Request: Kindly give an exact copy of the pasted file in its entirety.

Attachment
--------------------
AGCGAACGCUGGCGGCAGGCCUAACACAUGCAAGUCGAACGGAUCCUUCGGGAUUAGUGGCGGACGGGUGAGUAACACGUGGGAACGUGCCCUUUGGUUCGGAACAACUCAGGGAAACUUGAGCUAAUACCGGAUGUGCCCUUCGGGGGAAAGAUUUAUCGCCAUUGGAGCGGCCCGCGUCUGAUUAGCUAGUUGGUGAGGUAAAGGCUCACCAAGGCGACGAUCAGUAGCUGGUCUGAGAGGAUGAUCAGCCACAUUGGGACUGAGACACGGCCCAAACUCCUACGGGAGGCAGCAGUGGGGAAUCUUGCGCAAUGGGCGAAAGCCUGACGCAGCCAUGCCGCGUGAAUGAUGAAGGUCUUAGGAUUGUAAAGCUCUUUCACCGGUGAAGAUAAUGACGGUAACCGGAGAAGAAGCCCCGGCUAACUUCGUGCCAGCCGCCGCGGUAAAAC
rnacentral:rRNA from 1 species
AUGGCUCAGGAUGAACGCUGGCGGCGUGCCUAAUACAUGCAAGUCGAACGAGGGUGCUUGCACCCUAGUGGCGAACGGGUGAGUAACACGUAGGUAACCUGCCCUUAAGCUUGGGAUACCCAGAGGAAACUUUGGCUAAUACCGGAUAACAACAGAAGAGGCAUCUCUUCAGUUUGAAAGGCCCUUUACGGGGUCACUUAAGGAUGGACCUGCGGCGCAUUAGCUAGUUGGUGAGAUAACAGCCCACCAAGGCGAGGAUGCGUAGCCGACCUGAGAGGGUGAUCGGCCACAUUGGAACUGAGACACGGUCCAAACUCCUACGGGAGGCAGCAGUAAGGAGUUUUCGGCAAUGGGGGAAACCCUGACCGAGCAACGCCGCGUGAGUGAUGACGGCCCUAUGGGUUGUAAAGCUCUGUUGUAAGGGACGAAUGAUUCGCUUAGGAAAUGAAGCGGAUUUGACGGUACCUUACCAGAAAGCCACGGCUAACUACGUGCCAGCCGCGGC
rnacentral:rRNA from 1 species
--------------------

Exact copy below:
AGCGAACGCUGGCGGCAGGCCUAACACAUGCAAGUCGAACGGAUCCUUCGGGAUUAGUGGCGGACGGGUGAGUAACACGUGGGAACGUGCCCUUUGGUUCGGAACAACUCAGGGAAACUUGAGCUAAUACCGGAUGUGCCCUUCGGGGGAAAGAUUUAUCGCCAUUGGAGCGGCCCGCGUCUGAUUAGCUAGUUGGUGAGGUAAAGGCUCACCAAGGCGACGAUCAGUAGCUGGUCUGAGAGGAUGAUCAGCCACAUUGGGACUGAGACACGGCCCAAACUCCUACGGGAGGCAGCAGUGGGGAAUCUUGCGCAAUGGGCGAAAGCCUGACGCAGCCAUGCCGCGUGAAUGAUGAAGGUCUUAGGAUUGUAAAGCUCUUUCACCGGUGAAGAUAAUGACGGUAACCGGAGAAGAAGCCCCGGCUAACUUCGUGCCAGCCGCCGCGGUAAAAC
rnacentral:rRNA from 1 species
AUGGCUCAGGAUGAACGCUGGCGGCGUGCCUAAUACAUGCAAGUCGAACGAGGGUGCUUGCACCCUAGUGGCGAACGGGUGAGUAACACGUAGGUAACCUGCCCUUAAGCUUGGGAUACCCAGAGGAAACUUUGGCUAAUACCGGAUAACAACAGAAGAGGCAUCUCUUCAGUUUGAAAGGCCCUUUACGGGGUCACUUAAGGAUGGACCUGCGGCGCAUUAGCUAGUUGGUGAGAUAACAGCCCACCAAGGCGAGGAUGCGUAGCCGACCUGAGAGGGUGAUCGGCCACAUUGGAACUGAGACACGGUCCAAACUCCUACGGGAGGCAGCAGUAAGGAGUUUUCGGCAAUGGGGGAAACCCUGACCGAGCAACGCCGCGUGAGUGAUGACGGCCCUAUGGGUUGUAAAGCUCUGUUGUAAGGGACGAAUGAUUCGCUUAGGAAAUGAAGCGGAUUUGACGGUACCUUACCAGAAAGCCACGGCUAACUACGUGCCAGCCGCGGC
rnacentral:rRNA from 1 species